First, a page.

Another reason U.S. outsourcing to India is on the rise is that India is pursuing it aggressively. In August, Sareen brought a 35-member delegation to attend the Incoming Calls Management Institute’s annual meeting in Chicago and to drum up business for India’s fast-growing call center industry. While a handful of Indian customer contact centers already are capable of supporting fully integrated customer service applications including email, live chat, self-help and voice, “20 more are in the pipeline,” he says.
The hourly differential
India is neither the first nor the only country with a burgeoning call center industry to eye the U.S. market. Ireland has in the past decade developed a strong presence in so-called knowledge-based industries, including software developers and suppliers to support web-enabled businesses, such as e-enabled call centers. In fact, Ireland hosts some 40% of the U.S.-based companies with call center and tech support facilities in Europe. Labor costs across the board in Ireland are a bargain by U.S. standards; India’s are even less expensive.
And while little research exists directly comparing call center agent costs among countries, a look at labor costs in manufacturing offers some basis for comparison. In 1997, hourly compensation costs for workers in manufacturing-including pay and benefits-averaged $18.24 in the U.S. and $13.57 in Ireland. And in India?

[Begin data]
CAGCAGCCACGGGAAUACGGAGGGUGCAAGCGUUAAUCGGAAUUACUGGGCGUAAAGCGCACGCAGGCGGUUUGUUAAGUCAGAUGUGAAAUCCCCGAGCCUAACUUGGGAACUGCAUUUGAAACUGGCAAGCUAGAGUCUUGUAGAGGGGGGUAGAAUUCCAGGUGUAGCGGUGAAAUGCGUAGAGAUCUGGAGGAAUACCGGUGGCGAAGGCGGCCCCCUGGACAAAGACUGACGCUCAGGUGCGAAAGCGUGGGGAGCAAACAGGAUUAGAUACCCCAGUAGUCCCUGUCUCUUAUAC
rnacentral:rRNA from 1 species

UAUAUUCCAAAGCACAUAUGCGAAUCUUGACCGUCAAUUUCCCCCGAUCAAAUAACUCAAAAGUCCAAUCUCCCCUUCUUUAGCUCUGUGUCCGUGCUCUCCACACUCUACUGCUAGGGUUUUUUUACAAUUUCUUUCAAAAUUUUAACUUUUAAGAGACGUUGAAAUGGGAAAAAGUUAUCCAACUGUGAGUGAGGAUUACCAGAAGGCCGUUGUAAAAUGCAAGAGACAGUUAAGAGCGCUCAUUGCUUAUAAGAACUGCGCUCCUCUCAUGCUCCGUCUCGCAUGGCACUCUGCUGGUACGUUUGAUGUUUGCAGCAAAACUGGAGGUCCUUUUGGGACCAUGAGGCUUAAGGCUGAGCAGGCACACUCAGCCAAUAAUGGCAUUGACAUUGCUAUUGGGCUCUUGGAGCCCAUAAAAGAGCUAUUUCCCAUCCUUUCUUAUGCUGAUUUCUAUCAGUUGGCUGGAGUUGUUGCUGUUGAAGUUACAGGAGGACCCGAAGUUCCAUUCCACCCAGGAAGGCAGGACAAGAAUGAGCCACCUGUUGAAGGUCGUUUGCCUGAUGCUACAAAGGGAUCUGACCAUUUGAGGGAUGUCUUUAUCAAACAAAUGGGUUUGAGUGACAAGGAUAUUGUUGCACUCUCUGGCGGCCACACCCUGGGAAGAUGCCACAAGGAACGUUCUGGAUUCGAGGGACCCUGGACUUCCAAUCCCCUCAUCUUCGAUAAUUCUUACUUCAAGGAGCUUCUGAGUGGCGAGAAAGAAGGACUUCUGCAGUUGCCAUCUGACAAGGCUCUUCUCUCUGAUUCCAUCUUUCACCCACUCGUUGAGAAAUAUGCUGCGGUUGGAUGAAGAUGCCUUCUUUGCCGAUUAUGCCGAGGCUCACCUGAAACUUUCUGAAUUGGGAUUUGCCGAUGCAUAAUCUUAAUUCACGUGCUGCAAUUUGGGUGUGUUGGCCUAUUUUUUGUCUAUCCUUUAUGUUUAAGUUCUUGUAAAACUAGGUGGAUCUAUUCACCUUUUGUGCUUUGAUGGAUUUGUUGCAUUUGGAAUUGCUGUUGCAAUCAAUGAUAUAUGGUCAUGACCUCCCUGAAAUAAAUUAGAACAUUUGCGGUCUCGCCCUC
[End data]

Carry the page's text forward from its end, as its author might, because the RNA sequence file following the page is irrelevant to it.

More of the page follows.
“Less than $1,” says Catherine Mann, a policy analyst and researcher for the Washington, D.C.-based Institute for International Economics. Attracted by lower labor costs, some U.S. call center companies are exploring relationships with companies in the English-speaking Philippines and even Jamaica.
Customer service vendors scrambling to keep up with demand from e-retail and other web-enabled industry sectors see a solution in India’s lower labor costs and pool of educated workers. But their clients-retailers or manufacturers who guard their brands like gold-may be slower to embrace an offshore outsource solution that removes customer interface even further from home base.
Partly sunny in New Delhi
Mindful of these concerns, some call center companies venturing into India on behalf of clients are doing so cautiously. With India supporting only one product for his clients so far, “We’ll have to see as we broaden the product offerings whether they can mange a broader array of products having different marketing requirements and service offerings,” Tyler says. Some industry-watchers also aren’t convinced that live agent voice exchanges over the Internet-already on the radar screen at some customer support service providers-would be the best use of Indian agents’ technical knowledge.